I rolled another cigarette and beat a hasty retreat to the Fire stage for, allegedly, Manchester’s best kept secret; Underground Youth. Despite owning copies of five of their albums and a couple of singles, I’d yet to see them live – so was unable to truly call myself a fan. All that was soon to end. Parking myself right on the barrier I amused myself watching a friend and her mates dancing rather intoxicatedly whilst trying to make sensible small talk. In almost darkness, the quartet that now makes up the Underground Youth struck up. A multi layered assault on the senses, they live up to all expectations. Olya’s stand up drumming of the floor toms is a pure joy to behold and the whole thing is as visually entertaining as it is aurally satisfying. But, alas, once again I have to draw myself away mid-set (does that now make me a half fan ?) for over on the Air stage, a band I can truly attest to being a fan,are about to blow Cosmosis into the cosmos.
Safe in the knowledge that both the Shoegaze Brigade and the Cosmic Cadets would be close by, I waded my way through the crowd and made my way to the front. The Brian Jonestown Massacre would normally be impossible to follow. But this was no normal event. By some stroke of genius the Cosmosis team had pulled off a masterstroke. The Jesus and Mary Chain and BJM may not at first appear to be easy bed fellows, but tonight at least, it made perfect sense to have them share the same stage.
The brothers Reid enter the fray.As always, William is almost hidden out of the way at the rear, as his sibling takes the centre spot in that, casual, laissez faire way, that belies the fact that this one of the most influential bands of the last thirty years or more. “Hello, we’re The Jesus and Mary Chain, and we’re gonna play you a few of our songs.” Oh, well – go on then. I am admittedly biased towards this band, but it’s hard to deny how jaw droppingly good they are. Ditching the psychedelic, for their own Psychocandy backdrop, April Skies leads us into selection of familiar songs that, have been around for what seems like for ever, but still feel as fresh and dangerous as the first time I heard them. Noticing how the lights have the potential to become quite spectacular, I retreat to the balcony for the overhead view. Although no one challenges me this time, the one word that springs to mind is short sweet and straight to the point. WOW!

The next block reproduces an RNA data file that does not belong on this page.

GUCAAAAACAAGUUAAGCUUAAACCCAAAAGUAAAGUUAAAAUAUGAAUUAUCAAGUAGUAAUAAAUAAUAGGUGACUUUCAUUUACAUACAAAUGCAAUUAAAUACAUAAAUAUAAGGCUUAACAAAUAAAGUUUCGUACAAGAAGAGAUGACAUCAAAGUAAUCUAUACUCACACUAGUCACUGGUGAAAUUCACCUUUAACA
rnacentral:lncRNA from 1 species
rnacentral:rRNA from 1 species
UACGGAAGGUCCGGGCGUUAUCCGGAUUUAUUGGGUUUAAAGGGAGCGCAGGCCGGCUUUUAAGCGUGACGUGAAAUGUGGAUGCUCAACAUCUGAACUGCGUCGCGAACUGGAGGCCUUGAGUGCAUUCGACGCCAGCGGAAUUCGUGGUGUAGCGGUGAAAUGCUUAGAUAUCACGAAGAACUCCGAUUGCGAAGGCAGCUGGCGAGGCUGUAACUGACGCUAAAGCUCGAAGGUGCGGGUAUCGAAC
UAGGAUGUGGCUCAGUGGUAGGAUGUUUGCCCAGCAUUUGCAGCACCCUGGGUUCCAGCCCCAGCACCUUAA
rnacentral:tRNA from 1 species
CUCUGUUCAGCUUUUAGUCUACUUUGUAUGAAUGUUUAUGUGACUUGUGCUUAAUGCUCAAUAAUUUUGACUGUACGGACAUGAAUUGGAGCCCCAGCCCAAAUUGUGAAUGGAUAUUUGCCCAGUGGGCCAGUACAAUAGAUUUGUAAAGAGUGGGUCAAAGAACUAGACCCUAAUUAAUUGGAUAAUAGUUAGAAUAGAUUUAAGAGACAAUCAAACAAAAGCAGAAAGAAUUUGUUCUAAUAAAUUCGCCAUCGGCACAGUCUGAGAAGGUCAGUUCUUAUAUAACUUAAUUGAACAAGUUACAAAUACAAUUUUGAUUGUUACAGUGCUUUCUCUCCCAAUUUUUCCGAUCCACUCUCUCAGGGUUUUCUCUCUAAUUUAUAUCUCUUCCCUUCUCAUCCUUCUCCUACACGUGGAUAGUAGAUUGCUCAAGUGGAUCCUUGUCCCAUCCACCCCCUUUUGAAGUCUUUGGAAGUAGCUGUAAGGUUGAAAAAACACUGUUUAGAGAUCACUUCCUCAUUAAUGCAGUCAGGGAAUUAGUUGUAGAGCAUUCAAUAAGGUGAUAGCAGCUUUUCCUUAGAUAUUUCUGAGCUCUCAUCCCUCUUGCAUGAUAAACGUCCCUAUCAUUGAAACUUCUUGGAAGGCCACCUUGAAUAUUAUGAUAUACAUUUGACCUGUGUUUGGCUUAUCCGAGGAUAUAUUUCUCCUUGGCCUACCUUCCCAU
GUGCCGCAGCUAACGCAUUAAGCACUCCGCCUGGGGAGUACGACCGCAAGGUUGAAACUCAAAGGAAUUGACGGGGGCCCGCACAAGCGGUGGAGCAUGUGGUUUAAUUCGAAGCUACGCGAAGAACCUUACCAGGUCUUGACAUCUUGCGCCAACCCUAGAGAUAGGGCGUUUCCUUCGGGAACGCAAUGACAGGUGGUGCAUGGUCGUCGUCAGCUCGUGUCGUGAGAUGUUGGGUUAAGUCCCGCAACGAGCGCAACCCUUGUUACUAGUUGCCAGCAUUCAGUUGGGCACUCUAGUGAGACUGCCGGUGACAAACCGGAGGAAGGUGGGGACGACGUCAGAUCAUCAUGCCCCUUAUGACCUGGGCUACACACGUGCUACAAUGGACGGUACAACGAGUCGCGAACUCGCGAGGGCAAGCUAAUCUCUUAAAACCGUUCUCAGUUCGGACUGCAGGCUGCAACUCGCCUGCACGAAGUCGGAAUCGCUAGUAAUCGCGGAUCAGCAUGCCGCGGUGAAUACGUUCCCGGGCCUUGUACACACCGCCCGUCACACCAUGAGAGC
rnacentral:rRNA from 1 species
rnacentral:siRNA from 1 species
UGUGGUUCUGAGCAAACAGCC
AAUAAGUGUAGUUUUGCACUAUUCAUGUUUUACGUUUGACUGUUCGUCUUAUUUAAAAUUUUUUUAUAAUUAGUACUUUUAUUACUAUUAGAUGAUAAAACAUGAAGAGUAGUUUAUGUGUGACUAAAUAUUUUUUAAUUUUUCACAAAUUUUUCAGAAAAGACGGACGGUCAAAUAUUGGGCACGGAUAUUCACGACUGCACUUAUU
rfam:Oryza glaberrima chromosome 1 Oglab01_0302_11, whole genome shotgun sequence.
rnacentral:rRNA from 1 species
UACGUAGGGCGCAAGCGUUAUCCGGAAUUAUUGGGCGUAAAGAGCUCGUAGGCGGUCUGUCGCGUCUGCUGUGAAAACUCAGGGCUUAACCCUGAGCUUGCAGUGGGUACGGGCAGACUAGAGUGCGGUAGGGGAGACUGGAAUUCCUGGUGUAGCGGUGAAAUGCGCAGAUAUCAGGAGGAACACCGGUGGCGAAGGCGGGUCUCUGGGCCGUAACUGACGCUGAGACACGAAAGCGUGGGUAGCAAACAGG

As ‘Some Candy Talking’ plays it’s usual trick and has the hairs on my neck stood to attention, the lights make for a spectacle that is far beyond expectation. A captivating performance closes with an elongated version of ‘Reverance’ and leaves me struggling to this day to find reason to not call this anything but perfection. (See. Told you I was biased).
It could have ended there and then. But there was still more to be had. A mad dash to the Earth stage to catch what was left of Ringo Deathstar once again saw us staring at the back of many heads trusting that there was actually a band before us. Despite been out of sight, the heavy shoegaze washes over us, brandishing subtle hints of the Velvet Underground and lends itself well to the surroundings, ensuring that they would not be out of mind.
I rejoin the Cadets at the bar, as the Allah La’s bring proceedings to a close with their dictionary defined take on psychedelic rock. A young man baring a striking resemblance to Lou Reed a la Sally Cant Dance, struts his stuff with a couple of females who writhe and gyrate around him. Despite copious amounts of alcohol,and far too many cigarettes, my young charges we’re still standing. Vaguely coherent in their ramblings, they still managed to confirm that a very good time had been had by all. We had hit the point where the musics over, and we turn out the lights. As we spilled out into the Manchester night, I grinned with pride as I watched my team of young Cosmic Cadets hit the streets as fully fledged Psychonauts. Mission accomplished, myself and the Shoegaze Brigade made our way to the vehicle and drove across the Pennine spine into the awakening dawn.
Thank you and well done Cosmosis – it was truly Cosmic, man !
GALLERY: click on any pic to see full size.